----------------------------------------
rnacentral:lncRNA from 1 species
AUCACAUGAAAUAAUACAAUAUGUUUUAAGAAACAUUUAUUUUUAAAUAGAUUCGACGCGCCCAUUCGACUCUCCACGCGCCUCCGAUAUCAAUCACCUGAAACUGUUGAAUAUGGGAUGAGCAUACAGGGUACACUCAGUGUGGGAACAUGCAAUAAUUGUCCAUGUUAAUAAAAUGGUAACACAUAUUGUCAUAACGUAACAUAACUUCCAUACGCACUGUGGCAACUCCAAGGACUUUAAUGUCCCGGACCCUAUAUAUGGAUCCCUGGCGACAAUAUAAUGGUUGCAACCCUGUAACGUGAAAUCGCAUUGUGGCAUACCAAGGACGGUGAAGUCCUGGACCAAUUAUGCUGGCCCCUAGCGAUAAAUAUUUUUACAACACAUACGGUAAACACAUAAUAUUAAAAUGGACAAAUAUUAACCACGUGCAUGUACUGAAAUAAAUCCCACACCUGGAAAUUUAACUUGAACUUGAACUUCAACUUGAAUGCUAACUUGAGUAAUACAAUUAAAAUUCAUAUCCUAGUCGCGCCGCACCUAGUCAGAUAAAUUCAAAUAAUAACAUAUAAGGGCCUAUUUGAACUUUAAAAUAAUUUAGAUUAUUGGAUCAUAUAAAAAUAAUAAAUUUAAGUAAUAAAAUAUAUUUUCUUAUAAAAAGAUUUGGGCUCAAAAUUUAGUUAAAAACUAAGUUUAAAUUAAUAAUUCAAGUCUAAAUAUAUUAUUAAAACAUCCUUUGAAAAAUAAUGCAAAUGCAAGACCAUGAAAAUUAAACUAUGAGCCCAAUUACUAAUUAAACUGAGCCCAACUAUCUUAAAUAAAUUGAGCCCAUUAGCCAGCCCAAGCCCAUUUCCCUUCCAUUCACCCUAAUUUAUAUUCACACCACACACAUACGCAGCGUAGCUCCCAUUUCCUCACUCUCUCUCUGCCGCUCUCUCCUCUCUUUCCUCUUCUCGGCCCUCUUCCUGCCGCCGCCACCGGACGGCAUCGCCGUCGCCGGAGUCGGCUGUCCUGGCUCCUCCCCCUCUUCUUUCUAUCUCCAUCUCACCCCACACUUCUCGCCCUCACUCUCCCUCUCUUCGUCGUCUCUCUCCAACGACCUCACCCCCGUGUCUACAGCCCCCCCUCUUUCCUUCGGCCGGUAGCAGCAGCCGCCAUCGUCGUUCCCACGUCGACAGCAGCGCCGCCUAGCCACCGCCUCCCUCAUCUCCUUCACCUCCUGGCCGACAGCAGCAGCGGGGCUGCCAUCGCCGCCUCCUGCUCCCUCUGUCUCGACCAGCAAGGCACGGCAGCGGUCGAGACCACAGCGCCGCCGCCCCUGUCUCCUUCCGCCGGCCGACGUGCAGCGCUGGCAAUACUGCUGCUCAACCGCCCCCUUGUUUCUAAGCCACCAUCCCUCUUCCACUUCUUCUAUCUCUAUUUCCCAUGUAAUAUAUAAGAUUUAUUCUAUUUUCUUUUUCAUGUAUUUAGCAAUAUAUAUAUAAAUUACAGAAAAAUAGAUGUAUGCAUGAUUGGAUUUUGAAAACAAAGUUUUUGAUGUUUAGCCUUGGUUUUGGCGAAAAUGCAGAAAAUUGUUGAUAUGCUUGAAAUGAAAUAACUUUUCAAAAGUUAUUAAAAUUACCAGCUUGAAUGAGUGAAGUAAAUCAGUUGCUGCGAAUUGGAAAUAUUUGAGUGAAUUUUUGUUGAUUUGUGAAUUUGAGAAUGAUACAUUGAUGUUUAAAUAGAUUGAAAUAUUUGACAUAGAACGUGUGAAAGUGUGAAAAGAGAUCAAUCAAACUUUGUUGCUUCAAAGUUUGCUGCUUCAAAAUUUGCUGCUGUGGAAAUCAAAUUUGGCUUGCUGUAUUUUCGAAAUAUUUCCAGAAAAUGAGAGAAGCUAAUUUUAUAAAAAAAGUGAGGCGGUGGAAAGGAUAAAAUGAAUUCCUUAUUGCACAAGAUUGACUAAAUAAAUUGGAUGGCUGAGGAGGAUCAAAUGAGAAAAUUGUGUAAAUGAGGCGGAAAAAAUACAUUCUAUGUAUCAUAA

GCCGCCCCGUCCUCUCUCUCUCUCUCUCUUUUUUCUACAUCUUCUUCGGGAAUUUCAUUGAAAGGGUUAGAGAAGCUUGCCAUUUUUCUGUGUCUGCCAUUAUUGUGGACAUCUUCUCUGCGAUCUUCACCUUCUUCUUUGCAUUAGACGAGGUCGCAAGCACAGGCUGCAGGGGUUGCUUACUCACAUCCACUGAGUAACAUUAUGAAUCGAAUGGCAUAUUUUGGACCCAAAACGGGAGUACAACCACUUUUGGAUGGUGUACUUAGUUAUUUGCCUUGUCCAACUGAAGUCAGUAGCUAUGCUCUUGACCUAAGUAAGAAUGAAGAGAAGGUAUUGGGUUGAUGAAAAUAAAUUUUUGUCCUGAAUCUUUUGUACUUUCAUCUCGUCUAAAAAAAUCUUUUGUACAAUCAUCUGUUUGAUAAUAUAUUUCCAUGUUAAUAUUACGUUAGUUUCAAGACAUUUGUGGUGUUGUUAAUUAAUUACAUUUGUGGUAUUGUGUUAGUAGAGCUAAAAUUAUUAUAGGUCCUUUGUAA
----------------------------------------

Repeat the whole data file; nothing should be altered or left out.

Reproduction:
rnacentral:lncRNA from 1 species
AUCACAUGAAAUAAUACAAUAUGUUUUAAGAAACAUUUAUUUUUAAAUAGAUUCGACGCGCCCAUUCGACUCUCCACGCGCCUCCGAUAUCAAUCACCUGAAACUGUUGAAUAUGGGAUGAGCAUACAGGGUACACUCAGUGUGGGAACAUGCAAUAAUUGUCCAUGUUAAUAAAAUGGUAACACAUAUUGUCAUAACGUAACAUAACUUCCAUACGCACUGUGGCAACUCCAAGGACUUUAAUGUCCCGGACCCUAUAUAUGGAUCCCUGGCGACAAUAUAAUGGUUGCAACCCUGUAACGUGAAAUCGCAUUGUGGCAUACCAAGGACGGUGAAGUCCUGGACCAAUUAUGCUGGCCCCUAGCGAUAAAUAUUUUUACAACACAUACGGUAAACACAUAAUAUUAAAAUGGACAAAUAUUAACCACGUGCAUGUACUGAAAUAAAUCCCACACCUGGAAAUUUAACUUGAACUUGAACUUCAACUUGAAUGCUAACUUGAGUAAUACAAUUAAAAUUCAUAUCCUAGUCGCGCCGCACCUAGUCAGAUAAAUUCAAAUAAUAACAUAUAAGGGCCUAUUUGAACUUUAAAAUAAUUUAGAUUAUUGGAUCAUAUAAAAAUAAUAAAUUUAAGUAAUAAAAUAUAUUUUCUUAUAAAAAGAUUUGGGCUCAAAAUUUAGUUAAAAACUAAGUUUAAAUUAAUAAUUCAAGUCUAAAUAUAUUAUUAAAACAUCCUUUGAAAAAUAAUGCAAAUGCAAGACCAUGAAAAUUAAACUAUGAGCCCAAUUACUAAUUAAACUGAGCCCAACUAUCUUAAAUAAAUUGAGCCCAUUAGCCAGCCCAAGCCCAUUUCCCUUCCAUUCACCCUAAUUUAUAUUCACACCACACACAUACGCAGCGUAGCUCCCAUUUCCUCACUCUCUCUCUGCCGCUCUCUCCUCUCUUUCCUCUUCUCGGCCCUCUUCCUGCCGCCGCCACCGGACGGCAUCGCCGUCGCCGGAGUCGGCUGUCCUGGCUCCUCCCCCUCUUCUUUCUAUCUCCAUCUCACCCCACACUUCUCGCCCUCACUCUCCCUCUCUUCGUCGUCUCUCUCCAACGACCUCACCCCCGUGUCUACAGCCCCCCCUCUUUCCUUCGGCCGGUAGCAGCAGCCGCCAUCGUCGUUCCCACGUCGACAGCAGCGCCGCCUAGCCACCGCCUCCCUCAUCUCCUUCACCUCCUGGCCGACAGCAGCAGCGGGGCUGCCAUCGCCGCCUCCUGCUCCCUCUGUCUCGACCAGCAAGGCACGGCAGCGGUCGAGACCACAGCGCCGCCGCCCCUGUCUCCUUCCGCCGGCCGACGUGCAGCGCUGGCAAUACUGCUGCUCAACCGCCCCCUUGUUUCUAAGCCACCAUCCCUCUUCCACUUCUUCUAUCUCUAUUUCCCAUGUAAUAUAUAAGAUUUAUUCUAUUUUCUUUUUCAUGUAUUUAGCAAUAUAUAUAUAAAUUACAGAAAAAUAGAUGUAUGCAUGAUUGGAUUUUGAAAACAAAGUUUUUGAUGUUUAGCCUUGGUUUUGGCGAAAAUGCAGAAAAUUGUUGAUAUGCUUGAAAUGAAAUAACUUUUCAAAAGUUAUUAAAAUUACCAGCUUGAAUGAGUGAAGUAAAUCAGUUGCUGCGAAUUGGAAAUAUUUGAGUGAAUUUUUGUUGAUUUGUGAAUUUGAGAAUGAUACAUUGAUGUUUAAAUAGAUUGAAAUAUUUGACAUAGAACGUGUGAAAGUGUGAAAAGAGAUCAAUCAAACUUUGUUGCUUCAAAGUUUGCUGCUUCAAAAUUUGCUGCUGUGGAAAUCAAAUUUGGCUUGCUGUAUUUUCGAAAUAUUUCCAGAAAAUGAGAGAAGCUAAUUUUAUAAAAAAAGUGAGGCGGUGGAAAGGAUAAAAUGAAUUCCUUAUUGCACAAGAUUGACUAAAUAAAUUGGAUGGCUGAGGAGGAUCAAAUGAGAAAAUUGUGUAAAUGAGGCGGAAAAAAUACAUUCUAUGUAUCAUAA

GCCGCCCCGUCCUCUCUCUCUCUCUCUCUUUUUUCUACAUCUUCUUCGGGAAUUUCAUUGAAAGGGUUAGAGAAGCUUGCCAUUUUUCUGUGUCUGCCAUUAUUGUGGACAUCUUCUCUGCGAUCUUCACCUUCUUCUUUGCAUUAGACGAGGUCGCAAGCACAGGCUGCAGGGGUUGCUUACUCACAUCCACUGAGUAACAUUAUGAAUCGAAUGGCAUAUUUUGGACCCAAAACGGGAGUACAACCACUUUUGGAUGGUGUACUUAGUUAUUUGCCUUGUCCAACUGAAGUCAGUAGCUAUGCUCUUGACCUAAGUAAGAAUGAAGAGAAGGUAUUGGGUUGAUGAAAAUAAAUUUUUGUCCUGAAUCUUUUGUACUUUCAUCUCGUCUAAAAAAAUCUUUUGUACAAUCAUCUGUUUGAUAAUAUAUUUCCAUGUUAAUAUUACGUUAGUUUCAAGACAUUUGUGGUGUUGUUAAUUAAUUACAUUUGUGGUAUUGUGUUAGUAGAGCUAAAAUUAUUAUAGGUCCUUUGUAA